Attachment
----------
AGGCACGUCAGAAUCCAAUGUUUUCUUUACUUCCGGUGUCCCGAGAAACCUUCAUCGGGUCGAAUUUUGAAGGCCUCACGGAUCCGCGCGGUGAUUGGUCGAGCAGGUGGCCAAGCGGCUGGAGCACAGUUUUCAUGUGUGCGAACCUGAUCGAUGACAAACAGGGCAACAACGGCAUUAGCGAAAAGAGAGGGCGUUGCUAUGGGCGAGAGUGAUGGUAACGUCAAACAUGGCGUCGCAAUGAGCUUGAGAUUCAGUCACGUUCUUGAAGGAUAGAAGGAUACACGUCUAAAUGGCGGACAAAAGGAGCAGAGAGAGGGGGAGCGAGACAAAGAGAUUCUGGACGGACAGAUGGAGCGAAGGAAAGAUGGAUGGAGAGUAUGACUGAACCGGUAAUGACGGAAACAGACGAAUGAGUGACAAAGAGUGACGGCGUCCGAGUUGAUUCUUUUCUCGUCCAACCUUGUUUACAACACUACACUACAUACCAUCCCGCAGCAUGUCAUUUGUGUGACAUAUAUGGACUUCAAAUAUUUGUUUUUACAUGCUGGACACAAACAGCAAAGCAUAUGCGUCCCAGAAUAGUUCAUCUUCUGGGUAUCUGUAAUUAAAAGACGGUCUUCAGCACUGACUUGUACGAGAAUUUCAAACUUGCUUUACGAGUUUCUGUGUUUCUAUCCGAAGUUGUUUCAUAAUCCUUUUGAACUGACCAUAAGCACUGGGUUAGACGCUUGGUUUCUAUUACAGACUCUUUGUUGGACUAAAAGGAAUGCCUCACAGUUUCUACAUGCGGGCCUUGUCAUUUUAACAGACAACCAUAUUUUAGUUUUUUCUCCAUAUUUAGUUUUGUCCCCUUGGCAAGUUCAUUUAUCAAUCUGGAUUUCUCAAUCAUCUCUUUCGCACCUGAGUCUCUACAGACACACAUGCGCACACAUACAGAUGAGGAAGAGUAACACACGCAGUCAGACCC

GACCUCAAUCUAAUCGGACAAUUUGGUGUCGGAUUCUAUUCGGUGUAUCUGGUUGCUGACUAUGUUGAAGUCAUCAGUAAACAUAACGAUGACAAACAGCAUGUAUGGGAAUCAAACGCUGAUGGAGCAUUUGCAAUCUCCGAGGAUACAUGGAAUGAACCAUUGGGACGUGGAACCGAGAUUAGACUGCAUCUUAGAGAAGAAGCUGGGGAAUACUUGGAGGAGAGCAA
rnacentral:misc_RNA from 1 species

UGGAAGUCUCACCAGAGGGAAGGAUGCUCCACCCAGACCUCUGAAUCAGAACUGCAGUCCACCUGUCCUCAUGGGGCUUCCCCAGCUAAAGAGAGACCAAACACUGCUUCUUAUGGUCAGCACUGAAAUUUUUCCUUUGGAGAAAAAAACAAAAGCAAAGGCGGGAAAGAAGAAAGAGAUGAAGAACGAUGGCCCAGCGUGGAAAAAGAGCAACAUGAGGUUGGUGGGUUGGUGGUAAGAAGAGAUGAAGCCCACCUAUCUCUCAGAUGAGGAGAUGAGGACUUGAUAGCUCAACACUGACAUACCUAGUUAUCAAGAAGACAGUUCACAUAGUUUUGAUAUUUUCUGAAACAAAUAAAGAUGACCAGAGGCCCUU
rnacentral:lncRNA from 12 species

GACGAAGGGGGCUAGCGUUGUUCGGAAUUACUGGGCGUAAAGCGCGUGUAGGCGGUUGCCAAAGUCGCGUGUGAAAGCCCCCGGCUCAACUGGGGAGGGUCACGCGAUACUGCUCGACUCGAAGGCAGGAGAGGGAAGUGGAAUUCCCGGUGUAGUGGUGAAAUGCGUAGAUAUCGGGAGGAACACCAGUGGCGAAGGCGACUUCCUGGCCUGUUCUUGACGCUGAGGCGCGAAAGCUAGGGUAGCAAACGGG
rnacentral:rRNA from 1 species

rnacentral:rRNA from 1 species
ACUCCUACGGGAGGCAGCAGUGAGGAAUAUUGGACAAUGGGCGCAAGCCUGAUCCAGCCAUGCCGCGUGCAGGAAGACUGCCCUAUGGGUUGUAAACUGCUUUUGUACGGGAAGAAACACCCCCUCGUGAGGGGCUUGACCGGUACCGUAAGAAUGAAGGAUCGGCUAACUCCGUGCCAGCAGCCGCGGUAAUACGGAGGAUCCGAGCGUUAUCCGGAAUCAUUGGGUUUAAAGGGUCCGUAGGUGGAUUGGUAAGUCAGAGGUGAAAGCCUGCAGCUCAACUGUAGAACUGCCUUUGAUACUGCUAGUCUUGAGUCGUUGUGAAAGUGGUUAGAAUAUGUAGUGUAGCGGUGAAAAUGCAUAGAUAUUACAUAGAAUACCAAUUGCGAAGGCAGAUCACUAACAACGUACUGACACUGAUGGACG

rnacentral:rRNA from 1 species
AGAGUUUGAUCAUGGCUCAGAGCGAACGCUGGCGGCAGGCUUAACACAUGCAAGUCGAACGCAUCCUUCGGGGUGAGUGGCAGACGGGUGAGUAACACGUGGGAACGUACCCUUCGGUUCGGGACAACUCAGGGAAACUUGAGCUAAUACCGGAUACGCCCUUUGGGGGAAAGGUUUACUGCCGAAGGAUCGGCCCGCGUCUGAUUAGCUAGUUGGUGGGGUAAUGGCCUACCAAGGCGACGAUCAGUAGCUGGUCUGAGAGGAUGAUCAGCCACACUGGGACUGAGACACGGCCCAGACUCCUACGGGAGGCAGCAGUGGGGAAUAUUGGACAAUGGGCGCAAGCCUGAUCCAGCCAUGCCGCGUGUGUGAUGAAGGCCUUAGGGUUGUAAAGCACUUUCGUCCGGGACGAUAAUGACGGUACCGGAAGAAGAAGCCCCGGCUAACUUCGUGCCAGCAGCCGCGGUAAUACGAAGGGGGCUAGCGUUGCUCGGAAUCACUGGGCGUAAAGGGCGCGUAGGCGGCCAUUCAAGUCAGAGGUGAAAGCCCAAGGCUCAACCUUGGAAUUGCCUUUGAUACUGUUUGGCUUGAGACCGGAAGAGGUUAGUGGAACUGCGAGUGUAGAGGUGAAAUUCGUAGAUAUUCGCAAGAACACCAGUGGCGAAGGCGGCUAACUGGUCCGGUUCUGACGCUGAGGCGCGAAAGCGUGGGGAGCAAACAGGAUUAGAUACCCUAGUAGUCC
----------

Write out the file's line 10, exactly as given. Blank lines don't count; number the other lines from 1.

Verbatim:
rnacentral:rRNA from 1 species